Simultaneous measurements of fine (PM2.5) and coarse (PM10) particles have been performed during three sampling period: summertime, early winter before the heating period, and during the winter heating. The sampling was done at an urban site, Harbin City, China, to apportion pollution sources and to investigate the impacts of weather parameters and emission sources on distribution patterns of PM2.5 and PM10 and their chemical compositions. Two chemometric techniques, hierarchical clustering analysis (HCA) and discriminant analysis (DA), and a receptor model (PMF5) were applied. The average mass concentrations of fine and coarse particles during the whole study period (i.e. annual averages), were 82.4 μg/m3 and 120.1 μg/m3, with relative humidity and wind speed being the main factors influencing distribution patterns of PM2.5 and PM10, while sum of major ions (NO3−, NH4+, SO42−), and organic carbon (OC) were the greater contributor to total mass concentrations. According to DA, the distribution patterns of PM2.5 and PM10 during the winter heating period were distinct but overlapping in summer and early winter before heating, implying that, PM2.5 and PM10 were originated from different sources during the winter heating period but from similar sources during the other two sampling periods. This claim was further supported by PMF results. Canonical discriminant function coefficients of DA have shown species such as OC, EC, SO42−, NO3−, Cl−, Ti, Sr, Ca2+, Ni, and Ba to be good predictors/discriminants responsible for the differences between the three sampling periods. HCA visualized the interrelations among the source markers, while the PMF5 modeling confirmed HCA findings.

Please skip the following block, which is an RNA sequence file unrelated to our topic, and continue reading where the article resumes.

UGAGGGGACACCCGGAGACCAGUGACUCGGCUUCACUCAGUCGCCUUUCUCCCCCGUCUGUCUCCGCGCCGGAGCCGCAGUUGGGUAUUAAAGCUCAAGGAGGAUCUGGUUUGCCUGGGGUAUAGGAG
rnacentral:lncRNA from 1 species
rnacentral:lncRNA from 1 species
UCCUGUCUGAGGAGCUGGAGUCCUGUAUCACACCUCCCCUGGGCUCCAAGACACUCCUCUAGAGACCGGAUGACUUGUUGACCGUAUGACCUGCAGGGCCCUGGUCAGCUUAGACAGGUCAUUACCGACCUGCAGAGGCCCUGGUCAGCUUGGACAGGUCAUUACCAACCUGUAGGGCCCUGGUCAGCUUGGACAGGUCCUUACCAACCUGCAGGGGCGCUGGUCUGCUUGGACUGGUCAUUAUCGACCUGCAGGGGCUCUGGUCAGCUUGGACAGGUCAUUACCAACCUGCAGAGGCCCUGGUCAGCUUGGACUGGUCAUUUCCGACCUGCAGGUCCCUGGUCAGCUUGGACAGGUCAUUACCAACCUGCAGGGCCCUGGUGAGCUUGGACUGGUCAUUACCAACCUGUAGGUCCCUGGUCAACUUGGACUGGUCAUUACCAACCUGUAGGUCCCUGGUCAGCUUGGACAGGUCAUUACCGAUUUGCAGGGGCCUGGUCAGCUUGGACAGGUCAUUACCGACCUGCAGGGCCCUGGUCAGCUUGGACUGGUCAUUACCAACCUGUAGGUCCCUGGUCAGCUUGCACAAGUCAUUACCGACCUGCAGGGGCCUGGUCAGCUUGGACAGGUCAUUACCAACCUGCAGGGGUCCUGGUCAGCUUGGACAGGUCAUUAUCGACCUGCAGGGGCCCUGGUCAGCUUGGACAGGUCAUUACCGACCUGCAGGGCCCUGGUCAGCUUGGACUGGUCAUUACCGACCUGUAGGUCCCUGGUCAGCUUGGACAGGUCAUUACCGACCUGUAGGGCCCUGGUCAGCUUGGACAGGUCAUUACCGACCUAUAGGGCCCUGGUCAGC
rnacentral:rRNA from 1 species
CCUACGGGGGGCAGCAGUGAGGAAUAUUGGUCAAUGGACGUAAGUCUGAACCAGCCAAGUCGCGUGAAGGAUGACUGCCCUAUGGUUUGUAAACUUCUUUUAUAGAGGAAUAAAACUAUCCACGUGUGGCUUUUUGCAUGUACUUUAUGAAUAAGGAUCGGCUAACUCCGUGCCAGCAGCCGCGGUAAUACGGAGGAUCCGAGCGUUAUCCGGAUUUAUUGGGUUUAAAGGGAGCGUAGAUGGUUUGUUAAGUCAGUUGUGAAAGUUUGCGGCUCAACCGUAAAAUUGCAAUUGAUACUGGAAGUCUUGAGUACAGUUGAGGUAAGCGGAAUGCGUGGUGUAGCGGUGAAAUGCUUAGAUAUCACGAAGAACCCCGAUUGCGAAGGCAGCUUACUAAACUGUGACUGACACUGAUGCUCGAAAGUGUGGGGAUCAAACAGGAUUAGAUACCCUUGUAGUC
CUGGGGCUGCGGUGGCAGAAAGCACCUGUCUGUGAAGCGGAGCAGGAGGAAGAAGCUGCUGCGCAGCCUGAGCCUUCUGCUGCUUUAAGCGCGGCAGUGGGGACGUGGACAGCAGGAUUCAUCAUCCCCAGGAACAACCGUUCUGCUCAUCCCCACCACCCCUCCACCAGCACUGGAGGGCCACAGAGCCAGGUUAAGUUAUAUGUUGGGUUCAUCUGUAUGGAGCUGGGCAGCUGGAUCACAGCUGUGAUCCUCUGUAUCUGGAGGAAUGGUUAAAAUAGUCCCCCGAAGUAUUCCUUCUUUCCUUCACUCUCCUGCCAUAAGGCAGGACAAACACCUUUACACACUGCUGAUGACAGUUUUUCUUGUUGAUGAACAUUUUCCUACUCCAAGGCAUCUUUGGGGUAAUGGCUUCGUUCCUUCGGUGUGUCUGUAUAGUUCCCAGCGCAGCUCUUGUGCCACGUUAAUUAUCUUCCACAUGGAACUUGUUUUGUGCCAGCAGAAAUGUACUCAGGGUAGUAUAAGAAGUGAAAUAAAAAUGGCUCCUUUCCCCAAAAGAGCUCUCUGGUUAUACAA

Mohammed, M. O. A., Song, W. wei, Liu, L. yan, Ma, W. li, Li, Y. F., Wang, F. yan, … Lv, N. (2016). Distribution patterns and characterization of outdoor fine and coarse particles. Atmospheric Pollution Research, 7(5), 903–914. https://doi.org/10.1016/j.apr.2016.05.001